LONDON — If all the energy experts, the analysts and the consultants are right — and often they are not — the people of Western Europe, and especially Britain, are in for an uncomfortable time over the next few years.

Coming soon, so the forecasts predict, are serious shortfalls in electricity supply, power cuts, falls in gas pressure (and outright interruptions to industry), Russian failures to meet their gas supply undertakings, further gasoline and diesel price increases, much higher electricity and gas prices (plus levies and taxes), still rising emissions of carbon and other polluting gases into the world’s atmosphere, much more burning of coal, especially in the developing world, rows about new nuclear power stations and about radioactive waste disposal, anger about forests of wind pylons in beauty spots, many icy winters ahead and nastier weather conditions everywhere.

At a time when public debate is full of talk about a greener, cleaner future and about the measures to reduce carbon emissions and increase energy efficiency, this may all sound pessimistic. Surely, the optimists argue, the rush for low-carbon technologies, hybrid vehicles and general energy and fuel savings will bring a more pleasant energy future. Surely this is just round the corner, because the political leaders and commentators have told us so.

Unfortunately what they have not told the public is that it all takes lots of time. There is indeed a possible, even probable, future coming later, say in 10 years, which, if the world and its leaders are both lucky and wise, could deliver plentiful clean, safe and reasonably priced energy supplies to power an energy hungry world, a halt to the growth of carbon and other polluting gases in the atmosphere, cleanly processed coal, oil and gas (both in natural and frozen form) in ample profusion, much more efficient use of energy supplies in homes and factories, more localized power generation, more power from the sun, bio-energy at competitive prices, cheaper (and safer) nuclear power plants producing massive flows of carbon-free electricity with minimal waste safely handled, and maybe even calmer world weather conditions.

Dependence on oil, at present shaping almost the entire transportation system in the modern world, as well as providing the basis for petrochemicals and a vast range of everyday products, could indeed be greatly eased, in turn reducing political tensions in the volatile and turbulent Middle East and other politically unreliable areas.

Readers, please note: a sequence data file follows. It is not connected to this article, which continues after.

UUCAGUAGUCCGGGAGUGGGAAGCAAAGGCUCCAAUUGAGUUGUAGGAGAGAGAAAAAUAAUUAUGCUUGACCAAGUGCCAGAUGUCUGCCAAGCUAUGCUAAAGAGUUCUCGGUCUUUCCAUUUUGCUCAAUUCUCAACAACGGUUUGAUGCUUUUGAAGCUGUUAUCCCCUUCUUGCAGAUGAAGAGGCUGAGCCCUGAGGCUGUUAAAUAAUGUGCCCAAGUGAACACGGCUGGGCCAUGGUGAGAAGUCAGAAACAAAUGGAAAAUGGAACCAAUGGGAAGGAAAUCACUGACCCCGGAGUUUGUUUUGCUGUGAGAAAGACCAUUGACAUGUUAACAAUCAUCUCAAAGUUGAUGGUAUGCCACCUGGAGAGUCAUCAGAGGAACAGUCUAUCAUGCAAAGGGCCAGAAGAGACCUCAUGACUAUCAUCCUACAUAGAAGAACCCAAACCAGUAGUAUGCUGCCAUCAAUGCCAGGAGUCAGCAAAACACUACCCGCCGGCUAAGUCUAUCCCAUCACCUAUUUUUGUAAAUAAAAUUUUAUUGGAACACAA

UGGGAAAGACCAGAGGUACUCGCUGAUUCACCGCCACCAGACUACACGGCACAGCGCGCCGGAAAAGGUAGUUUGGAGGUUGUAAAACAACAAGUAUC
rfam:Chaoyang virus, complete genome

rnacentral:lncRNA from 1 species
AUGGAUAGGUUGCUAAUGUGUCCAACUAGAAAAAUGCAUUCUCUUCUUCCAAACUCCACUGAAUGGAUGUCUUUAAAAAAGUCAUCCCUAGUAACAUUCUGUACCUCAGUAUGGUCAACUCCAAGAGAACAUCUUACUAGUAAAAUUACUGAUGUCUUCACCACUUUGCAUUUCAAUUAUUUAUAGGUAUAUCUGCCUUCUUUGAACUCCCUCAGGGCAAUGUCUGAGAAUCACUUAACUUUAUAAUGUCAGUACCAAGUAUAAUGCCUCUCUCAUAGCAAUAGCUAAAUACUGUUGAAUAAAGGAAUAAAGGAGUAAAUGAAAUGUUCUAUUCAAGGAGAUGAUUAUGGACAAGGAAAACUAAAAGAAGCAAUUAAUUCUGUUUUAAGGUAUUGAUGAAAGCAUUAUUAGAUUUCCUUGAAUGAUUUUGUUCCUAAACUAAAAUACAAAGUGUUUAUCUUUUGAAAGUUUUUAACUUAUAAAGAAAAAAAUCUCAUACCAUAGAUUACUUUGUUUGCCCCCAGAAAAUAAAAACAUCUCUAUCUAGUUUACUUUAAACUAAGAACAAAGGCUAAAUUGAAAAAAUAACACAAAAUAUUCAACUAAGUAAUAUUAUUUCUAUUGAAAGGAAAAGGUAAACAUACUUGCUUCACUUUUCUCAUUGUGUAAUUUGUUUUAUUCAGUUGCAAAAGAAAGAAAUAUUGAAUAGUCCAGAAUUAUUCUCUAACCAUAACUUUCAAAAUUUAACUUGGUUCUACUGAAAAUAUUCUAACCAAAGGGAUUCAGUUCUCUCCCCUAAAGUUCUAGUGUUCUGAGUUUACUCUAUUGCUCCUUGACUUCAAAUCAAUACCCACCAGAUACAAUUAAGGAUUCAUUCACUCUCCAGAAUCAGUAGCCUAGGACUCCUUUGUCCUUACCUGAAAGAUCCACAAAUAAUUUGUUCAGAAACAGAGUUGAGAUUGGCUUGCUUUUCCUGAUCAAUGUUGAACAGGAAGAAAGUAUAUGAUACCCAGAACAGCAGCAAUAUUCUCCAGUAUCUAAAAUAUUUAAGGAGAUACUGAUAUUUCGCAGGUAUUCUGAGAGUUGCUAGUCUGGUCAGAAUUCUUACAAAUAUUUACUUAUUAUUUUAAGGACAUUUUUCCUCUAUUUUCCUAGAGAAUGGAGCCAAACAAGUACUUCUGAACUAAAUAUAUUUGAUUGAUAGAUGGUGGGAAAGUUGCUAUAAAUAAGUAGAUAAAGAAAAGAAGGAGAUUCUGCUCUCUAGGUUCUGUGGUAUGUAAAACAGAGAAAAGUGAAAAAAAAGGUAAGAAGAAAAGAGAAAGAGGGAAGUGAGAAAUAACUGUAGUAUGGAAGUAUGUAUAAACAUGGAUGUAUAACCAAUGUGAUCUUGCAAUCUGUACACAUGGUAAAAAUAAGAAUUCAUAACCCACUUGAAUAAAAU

It is possible, but not if we stay on present paths, which lead only to a different and darker future. Fine rhetoric and grand global schemes for limiting carbon emissions will not do it. The future needs to be sharply different from the past in energy matters — and in much else besides. But those with authority, and with the power to give words wings, have yet to find the over-arching story with which to inspire, persuade and motivate.

In the meantime there are some awkward realities on the energy front to face and handle. Or to steal the resonant phrase used by former Vice President Al Gore from his scary movie about future climate catastrophe, there are some very imminent and very inconvenient truths to be confronted.

The first is that today’s world energy supply chain is very vulnerable indeed to terrorism. This is not just a vague fear. al-Qaida and other terrorist groups have all announced their intention to renew their attacks on what they call the crucial arteries of the capitalist West. The easiest targets, from their point of view, are the vast oil- and gas-handling installations in the Persian Gulf region and especially in Saudi Arabia.

Attacks have already been mounted against the very large Saudi oil-handling plant at Ab-Qaiq. If successful this would have blocked two-thirds of Saudi Arabia’s daily oil exports, which are in turn about one-ninth of the entire world’s oil supply. Attacks on oceangoing tankers, and on vulnerable vessels carrying frozen gas (LNG) are also likely — a matter particularly relevant to Japan with its heavy LNG dependency.

The second imminent threat, affecting Western Europe especially, is that Russian gas flows, which now feed about half of Europe’s needs, could falter seriously in the years immediately ahead. The gas is there under Russian soil, but the investment needed to extract and transport it has just not happened. The volatile Russian financial system has not been able to mobilize the billions of dollars needed.

The third awkwardness is that while old nuclear power stations are being closed, and old coal and oil plants declared unacceptably polluting, the decisions about investment in new nuclear capacity, or in clean-burning coal plants, or in fully commercial alternative energy sources like biomass, just keep on being postponed. Governments are nervous of making long-term energy infrastructure commitments that may turn out wrong. Private investors hesitate amid huge uncertainty about the future trend of prices and taxes. Big new energy schemes will anyway take years to implement.

So not only is the cleaner, greener tomorrow is still far, far away; there is a real prospect of a power shortfall just ahead. And high as hopes may be for the longer-term future, in the near term that is going to cause a lot of grief.

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